Social media marketing aimed at increasing social traffic to your website.
Influencer marketing campaigns aimed at spreading brand awareness and reaching more people.
Paid advertising campaigns to reach your target audience in a fast and precise manner.
Blog posts and other valuable content to get more organic search traffic. In fact, 73% of B2B marketers find blog posts to be most effective in the early stages of a buyer’s journey.
Three top of funnel influencer marketing examples
Significant cultural events like awards shows and major sporting events are common ground for brands to launch top of funnel marketing campaigns. While Super Bowl commercials might be the most famous of these activations, brands today can launch awareness and audience-building initiatives across multiple platforms and channels without the seven-figure investment.
During this year’s NFL Draft, several brands introduced top of funnel marketing campaigns by delivering their message through the social media channels of to-be rookie Draft prospects.
Procter & Gamble | #NFLRedCarpet
To bring a sense of fun and normalcy to the NFL Draft during Covid-19 isolation, P&G brands including Old Spice, Gillette, and Head & Shoulders worked together with 20 first-round Draft selections to create an athlete influencer social media campaign.
The players each shared videos of their own “red carpet” experience in and around their homes, introducing their personal audiences to the P&G #NFLRedCarpet campaign. The players delivered more than a million video views and 500 thousand engagements.
EA Sports | #Madden20
EA Sports and Madden, its flagship football game, introduced an NFL Draft promotion called “Free to Play” weekend, allowing gamers to download and play the game for free for a promotional period of time.
EA Sports designed an athlete influencer marketing campaign by partnering with nearly half of the first-round Draft picks to promote the game on their personal Twitter and Instagram channels. The participating players shared posts inviting fans to join their weekend streams of the game. In total, the posts shared by players earned almost 2 million social media engagements.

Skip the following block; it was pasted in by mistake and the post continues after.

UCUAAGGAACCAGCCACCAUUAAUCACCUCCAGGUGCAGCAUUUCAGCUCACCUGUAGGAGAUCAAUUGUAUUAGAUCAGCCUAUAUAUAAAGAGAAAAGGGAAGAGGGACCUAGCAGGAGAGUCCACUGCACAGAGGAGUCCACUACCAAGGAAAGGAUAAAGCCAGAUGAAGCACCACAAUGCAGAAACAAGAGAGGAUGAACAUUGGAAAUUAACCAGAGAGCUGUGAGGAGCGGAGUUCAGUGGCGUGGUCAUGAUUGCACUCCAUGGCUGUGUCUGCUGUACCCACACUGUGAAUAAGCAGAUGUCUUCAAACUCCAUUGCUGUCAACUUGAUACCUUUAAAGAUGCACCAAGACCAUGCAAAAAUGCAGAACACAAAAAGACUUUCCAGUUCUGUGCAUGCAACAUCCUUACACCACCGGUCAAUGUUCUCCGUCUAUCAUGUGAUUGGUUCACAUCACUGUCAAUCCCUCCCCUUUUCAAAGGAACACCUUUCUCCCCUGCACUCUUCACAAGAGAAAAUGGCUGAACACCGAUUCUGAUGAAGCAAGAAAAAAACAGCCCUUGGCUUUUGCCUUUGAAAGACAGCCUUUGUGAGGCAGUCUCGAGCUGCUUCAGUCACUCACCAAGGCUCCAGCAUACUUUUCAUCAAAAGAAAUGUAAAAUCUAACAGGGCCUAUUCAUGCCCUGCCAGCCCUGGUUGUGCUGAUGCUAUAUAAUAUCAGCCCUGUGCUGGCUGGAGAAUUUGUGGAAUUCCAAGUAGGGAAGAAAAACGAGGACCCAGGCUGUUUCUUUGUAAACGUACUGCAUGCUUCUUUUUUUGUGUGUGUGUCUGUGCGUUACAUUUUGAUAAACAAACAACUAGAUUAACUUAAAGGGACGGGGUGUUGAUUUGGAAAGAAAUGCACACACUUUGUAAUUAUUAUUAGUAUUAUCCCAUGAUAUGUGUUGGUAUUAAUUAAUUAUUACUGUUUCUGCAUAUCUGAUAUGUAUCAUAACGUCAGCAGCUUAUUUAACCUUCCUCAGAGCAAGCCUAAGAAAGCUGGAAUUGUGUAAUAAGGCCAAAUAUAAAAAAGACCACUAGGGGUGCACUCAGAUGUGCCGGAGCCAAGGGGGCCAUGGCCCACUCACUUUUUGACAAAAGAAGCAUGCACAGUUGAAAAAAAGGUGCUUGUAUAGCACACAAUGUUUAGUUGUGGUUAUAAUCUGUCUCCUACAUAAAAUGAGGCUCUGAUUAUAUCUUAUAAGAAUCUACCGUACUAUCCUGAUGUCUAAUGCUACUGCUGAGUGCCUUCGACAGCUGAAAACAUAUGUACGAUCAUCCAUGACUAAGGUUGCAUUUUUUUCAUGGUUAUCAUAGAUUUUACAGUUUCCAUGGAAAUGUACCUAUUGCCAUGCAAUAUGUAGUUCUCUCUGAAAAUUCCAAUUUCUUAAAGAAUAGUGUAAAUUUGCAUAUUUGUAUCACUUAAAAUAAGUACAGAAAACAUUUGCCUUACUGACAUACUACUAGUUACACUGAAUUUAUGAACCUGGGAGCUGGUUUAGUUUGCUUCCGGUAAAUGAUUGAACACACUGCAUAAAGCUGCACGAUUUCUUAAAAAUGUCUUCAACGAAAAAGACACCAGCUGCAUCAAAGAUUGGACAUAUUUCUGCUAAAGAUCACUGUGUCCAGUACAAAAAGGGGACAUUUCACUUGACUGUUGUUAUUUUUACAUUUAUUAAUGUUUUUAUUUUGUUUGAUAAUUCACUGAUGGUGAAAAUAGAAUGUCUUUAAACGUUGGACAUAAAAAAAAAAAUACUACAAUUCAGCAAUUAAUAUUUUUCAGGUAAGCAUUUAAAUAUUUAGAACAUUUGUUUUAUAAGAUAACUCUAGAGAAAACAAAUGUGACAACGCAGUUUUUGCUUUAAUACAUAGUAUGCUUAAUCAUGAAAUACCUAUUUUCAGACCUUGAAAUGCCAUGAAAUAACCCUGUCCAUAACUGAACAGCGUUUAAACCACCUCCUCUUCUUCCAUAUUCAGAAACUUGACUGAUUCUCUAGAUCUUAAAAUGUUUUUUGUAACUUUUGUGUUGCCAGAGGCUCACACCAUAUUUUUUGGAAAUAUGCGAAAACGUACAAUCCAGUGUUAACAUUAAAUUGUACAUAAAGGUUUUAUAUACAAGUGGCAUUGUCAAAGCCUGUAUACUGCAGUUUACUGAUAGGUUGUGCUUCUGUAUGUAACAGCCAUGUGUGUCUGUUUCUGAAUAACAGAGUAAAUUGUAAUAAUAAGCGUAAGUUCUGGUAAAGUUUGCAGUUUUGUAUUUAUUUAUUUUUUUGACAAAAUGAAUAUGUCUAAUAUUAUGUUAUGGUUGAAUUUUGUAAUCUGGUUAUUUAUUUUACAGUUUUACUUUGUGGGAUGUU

Panini America | #PaniniInstant
As a longtime partner of the NFL, Panini America has the honors of introducing most newly-drafted rookies with their first NFL rookie playing card. To raise awareness to its prestigious place as an NFL partner and the provider of first-round rookie cards, Panini designed an athlete-driven campaign featuring several first-round rookies. The players shared their brand-new rookie card with their own passionate fanbase via their personal social media channels, making the cards highly visible and available to purchase.
What follows the top of the funnel?
So, what’s next?
When top of funnel content and tactics are effective, audiences will want to know more. They’ll seek out more information and assets to learn more about the brand and its offering.
A portion of the audience will eventually move to the next stage – the middle of the funnel. Here they can qualify interest, begin consideration, and understand how the brand can specifically help them. Effective content will become more buyer-focused and often more personalized to the individual as the audience moves through the funnel.
Eventually, the audience will make their evaluation and hopefully convert to purchase the brand’s product or service.